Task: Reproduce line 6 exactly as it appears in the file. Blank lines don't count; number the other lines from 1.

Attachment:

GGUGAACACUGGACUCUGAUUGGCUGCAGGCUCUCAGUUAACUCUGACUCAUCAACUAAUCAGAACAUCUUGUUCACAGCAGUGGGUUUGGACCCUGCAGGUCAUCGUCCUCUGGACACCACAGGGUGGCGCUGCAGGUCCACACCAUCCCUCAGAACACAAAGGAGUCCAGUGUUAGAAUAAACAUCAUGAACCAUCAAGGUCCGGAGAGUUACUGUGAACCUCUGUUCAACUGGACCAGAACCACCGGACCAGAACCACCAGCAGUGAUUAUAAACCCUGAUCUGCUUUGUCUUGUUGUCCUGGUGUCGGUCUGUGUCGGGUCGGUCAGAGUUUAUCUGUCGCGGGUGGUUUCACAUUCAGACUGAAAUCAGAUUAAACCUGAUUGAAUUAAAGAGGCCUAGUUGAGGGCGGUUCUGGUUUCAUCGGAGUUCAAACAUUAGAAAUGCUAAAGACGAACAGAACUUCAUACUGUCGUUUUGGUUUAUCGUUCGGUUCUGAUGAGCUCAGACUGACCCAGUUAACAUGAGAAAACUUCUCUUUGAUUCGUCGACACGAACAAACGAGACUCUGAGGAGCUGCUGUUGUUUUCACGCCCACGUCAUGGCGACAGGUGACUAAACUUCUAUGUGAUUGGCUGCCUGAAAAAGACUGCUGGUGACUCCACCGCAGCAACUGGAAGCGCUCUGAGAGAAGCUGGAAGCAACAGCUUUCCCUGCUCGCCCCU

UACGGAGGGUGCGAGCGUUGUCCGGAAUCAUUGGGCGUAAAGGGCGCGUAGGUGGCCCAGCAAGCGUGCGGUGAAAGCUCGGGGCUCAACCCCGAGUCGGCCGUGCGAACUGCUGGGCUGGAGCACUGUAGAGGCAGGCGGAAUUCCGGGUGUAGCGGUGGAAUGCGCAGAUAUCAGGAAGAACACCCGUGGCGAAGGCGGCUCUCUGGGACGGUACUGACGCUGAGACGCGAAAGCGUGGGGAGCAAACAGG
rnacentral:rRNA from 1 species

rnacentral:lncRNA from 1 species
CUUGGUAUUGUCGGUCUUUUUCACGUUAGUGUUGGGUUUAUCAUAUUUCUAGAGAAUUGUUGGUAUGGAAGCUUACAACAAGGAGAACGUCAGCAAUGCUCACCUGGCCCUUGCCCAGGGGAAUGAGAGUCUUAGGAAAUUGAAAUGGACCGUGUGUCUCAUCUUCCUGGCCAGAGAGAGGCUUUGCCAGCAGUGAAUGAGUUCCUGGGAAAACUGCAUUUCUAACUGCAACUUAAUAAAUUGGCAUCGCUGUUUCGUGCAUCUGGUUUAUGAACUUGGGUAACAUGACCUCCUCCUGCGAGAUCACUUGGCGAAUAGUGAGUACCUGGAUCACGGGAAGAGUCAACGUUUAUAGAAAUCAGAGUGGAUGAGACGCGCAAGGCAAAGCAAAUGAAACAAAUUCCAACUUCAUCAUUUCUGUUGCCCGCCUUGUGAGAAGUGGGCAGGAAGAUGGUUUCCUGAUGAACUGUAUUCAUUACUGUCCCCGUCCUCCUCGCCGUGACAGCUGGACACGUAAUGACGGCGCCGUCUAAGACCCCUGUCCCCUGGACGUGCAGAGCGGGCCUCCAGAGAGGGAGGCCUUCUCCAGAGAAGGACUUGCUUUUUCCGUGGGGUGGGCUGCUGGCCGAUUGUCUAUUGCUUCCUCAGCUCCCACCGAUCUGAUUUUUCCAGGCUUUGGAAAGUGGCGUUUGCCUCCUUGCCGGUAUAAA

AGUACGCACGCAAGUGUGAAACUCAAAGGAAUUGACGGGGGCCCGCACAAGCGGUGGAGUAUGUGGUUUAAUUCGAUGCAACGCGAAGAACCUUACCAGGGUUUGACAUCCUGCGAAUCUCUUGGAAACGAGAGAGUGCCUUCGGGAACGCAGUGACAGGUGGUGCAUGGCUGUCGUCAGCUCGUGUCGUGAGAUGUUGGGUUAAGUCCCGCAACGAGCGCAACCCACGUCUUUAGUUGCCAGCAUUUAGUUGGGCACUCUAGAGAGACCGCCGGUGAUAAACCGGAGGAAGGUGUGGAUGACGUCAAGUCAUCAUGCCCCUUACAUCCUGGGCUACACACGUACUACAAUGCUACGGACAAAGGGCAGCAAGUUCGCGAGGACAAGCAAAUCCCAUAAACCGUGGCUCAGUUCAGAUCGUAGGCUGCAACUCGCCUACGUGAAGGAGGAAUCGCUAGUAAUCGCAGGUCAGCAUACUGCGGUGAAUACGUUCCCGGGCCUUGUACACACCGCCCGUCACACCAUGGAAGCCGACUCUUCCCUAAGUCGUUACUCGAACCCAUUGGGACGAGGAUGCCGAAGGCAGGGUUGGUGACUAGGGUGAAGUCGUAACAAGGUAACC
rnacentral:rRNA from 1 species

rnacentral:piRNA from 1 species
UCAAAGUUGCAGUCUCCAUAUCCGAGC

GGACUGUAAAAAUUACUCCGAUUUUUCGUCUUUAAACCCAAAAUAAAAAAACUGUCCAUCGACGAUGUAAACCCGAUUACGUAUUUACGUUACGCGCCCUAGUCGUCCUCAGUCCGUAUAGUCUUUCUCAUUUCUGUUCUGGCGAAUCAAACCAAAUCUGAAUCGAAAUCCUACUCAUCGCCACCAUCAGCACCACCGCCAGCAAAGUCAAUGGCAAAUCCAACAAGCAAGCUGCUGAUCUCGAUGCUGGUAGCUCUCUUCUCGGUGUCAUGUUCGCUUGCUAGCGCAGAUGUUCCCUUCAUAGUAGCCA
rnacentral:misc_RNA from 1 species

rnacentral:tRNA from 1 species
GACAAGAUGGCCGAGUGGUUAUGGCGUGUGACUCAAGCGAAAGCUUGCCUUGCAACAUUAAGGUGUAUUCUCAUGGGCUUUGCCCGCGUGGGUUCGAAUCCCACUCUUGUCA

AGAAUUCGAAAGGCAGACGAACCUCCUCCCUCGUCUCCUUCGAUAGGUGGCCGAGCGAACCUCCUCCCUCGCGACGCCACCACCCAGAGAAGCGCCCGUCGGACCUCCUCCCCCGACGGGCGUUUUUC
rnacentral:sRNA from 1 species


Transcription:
AGUACGCACGCAAGUGUGAAACUCAAAGGAAUUGACGGGGGCCCGCACAAGCGGUGGAGUAUGUGGUUUAAUUCGAUGCAACGCGAAGAACCUUACCAGGGUUUGACAUCCUGCGAAUCUCUUGGAAACGAGAGAGUGCCUUCGGGAACGCAGUGACAGGUGGUGCAUGGCUGUCGUCAGCUCGUGUCGUGAGAUGUUGGGUUAAGUCCCGCAACGAGCGCAACCCACGUCUUUAGUUGCCAGCAUUUAGUUGGGCACUCUAGAGAGACCGCCGGUGAUAAACCGGAGGAAGGUGUGGAUGACGUCAAGUCAUCAUGCCCCUUACAUCCUGGGCUACACACGUACUACAAUGCUACGGACAAAGGGCAGCAAGUUCGCGAGGACAAGCAAAUCCCAUAAACCGUGGCUCAGUUCAGAUCGUAGGCUGCAACUCGCCUACGUGAAGGAGGAAUCGCUAGUAAUCGCAGGUCAGCAUACUGCGGUGAAUACGUUCCCGGGCCUUGUACACACCGCCCGUCACACCAUGGAAGCCGACUCUUCCCUAAGUCGUUACUCGAACCCAUUGGGACGAGGAUGCCGAAGGCAGGGUUGGUGACUAGGGUGAAGUCGUAACAAGGUAACC